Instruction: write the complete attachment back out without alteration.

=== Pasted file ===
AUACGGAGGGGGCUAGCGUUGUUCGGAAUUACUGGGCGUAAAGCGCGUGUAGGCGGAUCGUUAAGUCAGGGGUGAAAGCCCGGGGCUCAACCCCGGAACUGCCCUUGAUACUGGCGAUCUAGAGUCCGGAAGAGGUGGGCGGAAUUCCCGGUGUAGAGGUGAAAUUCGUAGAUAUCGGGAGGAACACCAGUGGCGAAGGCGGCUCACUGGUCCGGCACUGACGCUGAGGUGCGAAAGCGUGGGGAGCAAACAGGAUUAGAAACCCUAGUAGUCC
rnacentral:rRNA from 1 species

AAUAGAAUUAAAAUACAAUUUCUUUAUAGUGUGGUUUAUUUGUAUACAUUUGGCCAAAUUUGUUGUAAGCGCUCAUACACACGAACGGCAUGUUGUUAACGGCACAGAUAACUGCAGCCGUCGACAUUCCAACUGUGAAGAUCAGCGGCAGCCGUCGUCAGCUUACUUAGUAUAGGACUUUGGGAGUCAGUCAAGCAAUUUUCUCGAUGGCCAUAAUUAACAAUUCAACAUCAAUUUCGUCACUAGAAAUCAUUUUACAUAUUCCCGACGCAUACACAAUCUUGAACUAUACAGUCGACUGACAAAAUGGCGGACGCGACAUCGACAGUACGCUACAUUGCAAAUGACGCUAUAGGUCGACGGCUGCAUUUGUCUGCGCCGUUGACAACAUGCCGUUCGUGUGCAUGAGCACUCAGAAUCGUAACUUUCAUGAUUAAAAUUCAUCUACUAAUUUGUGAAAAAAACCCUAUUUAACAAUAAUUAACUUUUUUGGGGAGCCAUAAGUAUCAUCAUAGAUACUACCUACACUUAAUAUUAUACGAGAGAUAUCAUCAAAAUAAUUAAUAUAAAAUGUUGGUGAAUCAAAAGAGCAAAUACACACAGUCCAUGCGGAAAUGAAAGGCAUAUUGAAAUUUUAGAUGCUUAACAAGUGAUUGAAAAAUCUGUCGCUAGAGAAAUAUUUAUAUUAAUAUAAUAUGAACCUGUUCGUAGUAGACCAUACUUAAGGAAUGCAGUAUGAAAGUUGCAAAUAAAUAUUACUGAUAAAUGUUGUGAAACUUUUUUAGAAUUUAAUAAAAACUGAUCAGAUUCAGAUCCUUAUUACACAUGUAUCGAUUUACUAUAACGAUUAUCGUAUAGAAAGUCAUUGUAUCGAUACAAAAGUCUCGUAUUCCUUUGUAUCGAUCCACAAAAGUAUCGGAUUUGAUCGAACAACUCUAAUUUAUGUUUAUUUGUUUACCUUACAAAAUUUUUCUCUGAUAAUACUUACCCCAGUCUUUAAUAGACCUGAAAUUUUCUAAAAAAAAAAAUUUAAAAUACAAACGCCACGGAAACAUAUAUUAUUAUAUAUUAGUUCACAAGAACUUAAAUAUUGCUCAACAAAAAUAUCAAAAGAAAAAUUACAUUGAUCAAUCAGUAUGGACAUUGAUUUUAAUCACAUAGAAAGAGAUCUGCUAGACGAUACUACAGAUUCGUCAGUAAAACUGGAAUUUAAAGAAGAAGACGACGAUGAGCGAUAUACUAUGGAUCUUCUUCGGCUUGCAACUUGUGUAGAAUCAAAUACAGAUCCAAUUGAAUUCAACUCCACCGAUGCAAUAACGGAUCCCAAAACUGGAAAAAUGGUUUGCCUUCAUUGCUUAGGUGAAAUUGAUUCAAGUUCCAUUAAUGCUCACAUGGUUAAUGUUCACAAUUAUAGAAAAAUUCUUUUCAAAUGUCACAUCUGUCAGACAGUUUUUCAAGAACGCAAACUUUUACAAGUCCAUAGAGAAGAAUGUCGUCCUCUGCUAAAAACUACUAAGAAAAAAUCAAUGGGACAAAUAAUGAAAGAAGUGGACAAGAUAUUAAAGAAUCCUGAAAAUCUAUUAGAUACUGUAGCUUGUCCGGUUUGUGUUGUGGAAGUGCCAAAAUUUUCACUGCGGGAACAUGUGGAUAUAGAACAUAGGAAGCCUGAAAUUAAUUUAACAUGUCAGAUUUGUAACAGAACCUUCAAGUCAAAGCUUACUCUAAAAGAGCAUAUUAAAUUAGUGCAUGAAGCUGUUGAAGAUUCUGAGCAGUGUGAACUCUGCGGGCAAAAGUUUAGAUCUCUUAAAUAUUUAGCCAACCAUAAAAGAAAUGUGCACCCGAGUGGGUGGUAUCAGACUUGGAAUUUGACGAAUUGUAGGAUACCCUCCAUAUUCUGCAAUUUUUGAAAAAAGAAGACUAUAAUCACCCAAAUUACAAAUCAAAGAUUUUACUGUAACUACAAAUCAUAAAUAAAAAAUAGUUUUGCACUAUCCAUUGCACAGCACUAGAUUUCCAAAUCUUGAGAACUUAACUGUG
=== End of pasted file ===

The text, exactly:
AUACGGAGGGGGCUAGCGUUGUUCGGAAUUACUGGGCGUAAAGCGCGUGUAGGCGGAUCGUUAAGUCAGGGGUGAAAGCCCGGGGCUCAACCCCGGAACUGCCCUUGAUACUGGCGAUCUAGAGUCCGGAAGAGGUGGGCGGAAUUCCCGGUGUAGAGGUGAAAUUCGUAGAUAUCGGGAGGAACACCAGUGGCGAAGGCGGCUCACUGGUCCGGCACUGACGCUGAGGUGCGAAAGCGUGGGGAGCAAACAGGAUUAGAAACCCUAGUAGUCC
rnacentral:rRNA from 1 species

AAUAGAAUUAAAAUACAAUUUCUUUAUAGUGUGGUUUAUUUGUAUACAUUUGGCCAAAUUUGUUGUAAGCGCUCAUACACACGAACGGCAUGUUGUUAACGGCACAGAUAACUGCAGCCGUCGACAUUCCAACUGUGAAGAUCAGCGGCAGCCGUCGUCAGCUUACUUAGUAUAGGACUUUGGGAGUCAGUCAAGCAAUUUUCUCGAUGGCCAUAAUUAACAAUUCAACAUCAAUUUCGUCACUAGAAAUCAUUUUACAUAUUCCCGACGCAUACACAAUCUUGAACUAUACAGUCGACUGACAAAAUGGCGGACGCGACAUCGACAGUACGCUACAUUGCAAAUGACGCUAUAGGUCGACGGCUGCAUUUGUCUGCGCCGUUGACAACAUGCCGUUCGUGUGCAUGAGCACUCAGAAUCGUAACUUUCAUGAUUAAAAUUCAUCUACUAAUUUGUGAAAAAAACCCUAUUUAACAAUAAUUAACUUUUUUGGGGAGCCAUAAGUAUCAUCAUAGAUACUACCUACACUUAAUAUUAUACGAGAGAUAUCAUCAAAAUAAUUAAUAUAAAAUGUUGGUGAAUCAAAAGAGCAAAUACACACAGUCCAUGCGGAAAUGAAAGGCAUAUUGAAAUUUUAGAUGCUUAACAAGUGAUUGAAAAAUCUGUCGCUAGAGAAAUAUUUAUAUUAAUAUAAUAUGAACCUGUUCGUAGUAGACCAUACUUAAGGAAUGCAGUAUGAAAGUUGCAAAUAAAUAUUACUGAUAAAUGUUGUGAAACUUUUUUAGAAUUUAAUAAAAACUGAUCAGAUUCAGAUCCUUAUUACACAUGUAUCGAUUUACUAUAACGAUUAUCGUAUAGAAAGUCAUUGUAUCGAUACAAAAGUCUCGUAUUCCUUUGUAUCGAUCCACAAAAGUAUCGGAUUUGAUCGAACAACUCUAAUUUAUGUUUAUUUGUUUACCUUACAAAAUUUUUCUCUGAUAAUACUUACCCCAGUCUUUAAUAGACCUGAAAUUUUCUAAAAAAAAAAAUUUAAAAUACAAACGCCACGGAAACAUAUAUUAUUAUAUAUUAGUUCACAAGAACUUAAAUAUUGCUCAACAAAAAUAUCAAAAGAAAAAUUACAUUGAUCAAUCAGUAUGGACAUUGAUUUUAAUCACAUAGAAAGAGAUCUGCUAGACGAUACUACAGAUUCGUCAGUAAAACUGGAAUUUAAAGAAGAAGACGACGAUGAGCGAUAUACUAUGGAUCUUCUUCGGCUUGCAACUUGUGUAGAAUCAAAUACAGAUCCAAUUGAAUUCAACUCCACCGAUGCAAUAACGGAUCCCAAAACUGGAAAAAUGGUUUGCCUUCAUUGCUUAGGUGAAAUUGAUUCAAGUUCCAUUAAUGCUCACAUGGUUAAUGUUCACAAUUAUAGAAAAAUUCUUUUCAAAUGUCACAUCUGUCAGACAGUUUUUCAAGAACGCAAACUUUUACAAGUCCAUAGAGAAGAAUGUCGUCCUCUGCUAAAAACUACUAAGAAAAAAUCAAUGGGACAAAUAAUGAAAGAAGUGGACAAGAUAUUAAAGAAUCCUGAAAAUCUAUUAGAUACUGUAGCUUGUCCGGUUUGUGUUGUGGAAGUGCCAAAAUUUUCACUGCGGGAACAUGUGGAUAUAGAACAUAGGAAGCCUGAAAUUAAUUUAACAUGUCAGAUUUGUAACAGAACCUUCAAGUCAAAGCUUACUCUAAAAGAGCAUAUUAAAUUAGUGCAUGAAGCUGUUGAAGAUUCUGAGCAGUGUGAACUCUGCGGGCAAAAGUUUAGAUCUCUUAAAUAUUUAGCCAACCAUAAAAGAAAUGUGCACCCGAGUGGGUGGUAUCAGACUUGGAAUUUGACGAAUUGUAGGAUACCCUCCAUAUUCUGCAAUUUUUGAAAAAAGAAGACUAUAAUCACCCAAAUUACAAAUCAAAGAUUUUACUGUAACUACAAAUCAUAAAUAAAAAAUAGUUUUGCACUAUCCAUUGCACAGCACUAGAUUUCCAAAUCUUGAGAACUUAACUGUG